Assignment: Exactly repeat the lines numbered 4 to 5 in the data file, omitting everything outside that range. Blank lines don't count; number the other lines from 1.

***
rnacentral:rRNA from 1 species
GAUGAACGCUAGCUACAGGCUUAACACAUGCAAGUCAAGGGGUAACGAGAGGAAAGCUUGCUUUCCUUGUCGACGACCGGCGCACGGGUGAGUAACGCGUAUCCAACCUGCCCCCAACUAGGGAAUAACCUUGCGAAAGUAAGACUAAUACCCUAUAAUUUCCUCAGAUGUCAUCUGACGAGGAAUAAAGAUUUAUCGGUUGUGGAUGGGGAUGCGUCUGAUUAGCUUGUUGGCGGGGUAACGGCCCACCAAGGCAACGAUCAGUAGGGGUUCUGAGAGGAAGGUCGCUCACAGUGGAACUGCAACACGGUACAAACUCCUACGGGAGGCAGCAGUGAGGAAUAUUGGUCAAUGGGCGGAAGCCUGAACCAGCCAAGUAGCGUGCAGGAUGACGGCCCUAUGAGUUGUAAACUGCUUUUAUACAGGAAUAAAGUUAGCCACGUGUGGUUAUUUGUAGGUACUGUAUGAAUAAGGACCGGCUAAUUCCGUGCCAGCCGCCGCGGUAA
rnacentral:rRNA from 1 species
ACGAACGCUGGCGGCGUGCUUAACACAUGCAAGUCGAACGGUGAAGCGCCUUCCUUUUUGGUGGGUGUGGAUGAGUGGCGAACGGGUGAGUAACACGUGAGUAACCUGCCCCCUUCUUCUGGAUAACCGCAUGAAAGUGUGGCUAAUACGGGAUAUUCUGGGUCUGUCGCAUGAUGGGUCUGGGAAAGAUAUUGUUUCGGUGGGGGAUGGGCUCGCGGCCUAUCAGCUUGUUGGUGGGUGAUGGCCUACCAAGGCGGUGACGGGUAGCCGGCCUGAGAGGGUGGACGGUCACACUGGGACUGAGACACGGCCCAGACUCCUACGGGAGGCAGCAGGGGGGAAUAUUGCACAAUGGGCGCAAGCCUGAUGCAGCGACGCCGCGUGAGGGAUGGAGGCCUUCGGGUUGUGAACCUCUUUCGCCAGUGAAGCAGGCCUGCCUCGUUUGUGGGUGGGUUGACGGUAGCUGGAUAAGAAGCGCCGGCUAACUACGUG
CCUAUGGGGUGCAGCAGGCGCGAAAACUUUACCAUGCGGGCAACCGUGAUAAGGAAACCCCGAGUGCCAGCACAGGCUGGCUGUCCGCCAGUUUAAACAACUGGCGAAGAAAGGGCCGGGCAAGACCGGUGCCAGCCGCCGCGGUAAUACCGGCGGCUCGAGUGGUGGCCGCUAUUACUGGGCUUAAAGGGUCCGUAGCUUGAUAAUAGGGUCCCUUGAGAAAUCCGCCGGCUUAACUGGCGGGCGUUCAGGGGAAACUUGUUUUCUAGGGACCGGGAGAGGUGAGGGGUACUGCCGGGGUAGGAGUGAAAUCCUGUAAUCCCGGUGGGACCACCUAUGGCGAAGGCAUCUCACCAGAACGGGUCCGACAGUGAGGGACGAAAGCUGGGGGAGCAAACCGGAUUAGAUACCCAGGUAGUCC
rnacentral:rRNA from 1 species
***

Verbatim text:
ACGAACGCUGGCGGCGUGCUUAACACAUGCAAGUCGAACGGUGAAGCGCCUUCCUUUUUGGUGGGUGUGGAUGAGUGGCGAACGGGUGAGUAACACGUGAGUAACCUGCCCCCUUCUUCUGGAUAACCGCAUGAAAGUGUGGCUAAUACGGGAUAUUCUGGGUCUGUCGCAUGAUGGGUCUGGGAAAGAUAUUGUUUCGGUGGGGGAUGGGCUCGCGGCCUAUCAGCUUGUUGGUGGGUGAUGGCCUACCAAGGCGGUGACGGGUAGCCGGCCUGAGAGGGUGGACGGUCACACUGGGACUGAGACACGGCCCAGACUCCUACGGGAGGCAGCAGGGGGGAAUAUUGCACAAUGGGCGCAAGCCUGAUGCAGCGACGCCGCGUGAGGGAUGGAGGCCUUCGGGUUGUGAACCUCUUUCGCCAGUGAAGCAGGCCUGCCUCGUUUGUGGGUGGGUUGACGGUAGCUGGAUAAGAAGCGCCGGCUAACUACGUG
CCUAUGGGGUGCAGCAGGCGCGAAAACUUUACCAUGCGGGCAACCGUGAUAAGGAAACCCCGAGUGCCAGCACAGGCUGGCUGUCCGCCAGUUUAAACAACUGGCGAAGAAAGGGCCGGGCAAGACCGGUGCCAGCCGCCGCGGUAAUACCGGCGGCUCGAGUGGUGGCCGCUAUUACUGGGCUUAAAGGGUCCGUAGCUUGAUAAUAGGGUCCCUUGAGAAAUCCGCCGGCUUAACUGGCGGGCGUUCAGGGGAAACUUGUUUUCUAGGGACCGGGAGAGGUGAGGGGUACUGCCGGGGUAGGAGUGAAAUCCUGUAAUCCCGGUGGGACCACCUAUGGCGAAGGCAUCUCACCAGAACGGGUCCGACAGUGAGGGACGAAAGCUGGGGGAGCAAACCGGAUUAGAUACCCAGGUAGUCC